do happiness and mirth any more follow the Where a valt'fame thot raging to the skies, American, than the British, camp.

The While ev'ry gale that mov'd che duiky air, justice and propriety of sending this desolaPierc'd their fad ears with accents of despair. ting armament, do not at all cause our au. Here horrid thouts of barbarous triumph thor's imagination to relent. With them be flow,

had nothing to do. As the boon companion Blended with groans, and mingling thrieks of must have his joke, so mult we have our woe;

rhyme at any rate. · Poetry, if she want a There feebler wails and dying accents rise, subject for her cars, might, with more pro. And rage remorseless shunders to the kies.



their eyes,

priety, fhed them over poor Germany, who ported, will, "by making greater pleus, oris fo abused at present for selling men to fubly lessen the price. In order to encourage due America. How often has that corn and any manufacture at home, it is our unifon mangled country been the horrid theatre of policy to restrain or prohibic the importatica war, and ruin, and desolation !

of fimilar manufactures from abroad: • But from poems we do not expect argu- promote the manufacture of broad cloth, the ment, any more than 'we expect poetry in importation of foreign broad closh is fortune the pleadings of a lawyer. This publication to encourage our filk-weavers, Freoch fid has its merit; though ihe author seems pretty are made contraband; it will not be denied well acquainted with Pope, and fill better that agriculture, or the production of core, with Goldsmith's Deferred Village.' – The which Montesqucieu justly says is of all ma plan, and the beginning and the end, are nofactures infinitely the most valuable, do bad:-the outlines of the poem were sketched ferves encouragemeat as well as the selt; and either hastily or unskilfully ; but they were it must seem strange, if its fuccess is to be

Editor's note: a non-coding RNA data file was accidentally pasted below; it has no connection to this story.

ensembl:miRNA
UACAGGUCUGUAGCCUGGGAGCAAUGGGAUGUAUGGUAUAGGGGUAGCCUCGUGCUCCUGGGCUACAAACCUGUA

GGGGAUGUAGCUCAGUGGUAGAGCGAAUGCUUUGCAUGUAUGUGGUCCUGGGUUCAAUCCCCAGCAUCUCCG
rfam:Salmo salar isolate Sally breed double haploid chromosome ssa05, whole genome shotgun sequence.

pro filled up by the hand of a master.

moted by the very reperfe of the method to Besides the pleasure we have received from ken to encourage every other, by the adfome lines in this poem, we are to thank its million of foreign coro io a competition author for not giving us the trouble to mark our own. If they, be right who argue, tbit any more than two bad rhymes through every restriction and every bounty does hus, out ; " death beneath," and " unaw'd - the alteratico of our laws ought to be gone Gud.". C.

ral; it cannot with propriety be made ou

regard to one manufacture, and not to 're EDINBURGH.

reit. In order to do justice to the growers Efsays on the corn-laws. 6d. Drum. (573) of corn, to our landed men and farmer, 1

Confiderations on our corn-laws, and the we be allowed to buy core at all times where. pill proposed to amend them. od. Elliot. ever we can find il cheapek, we ought an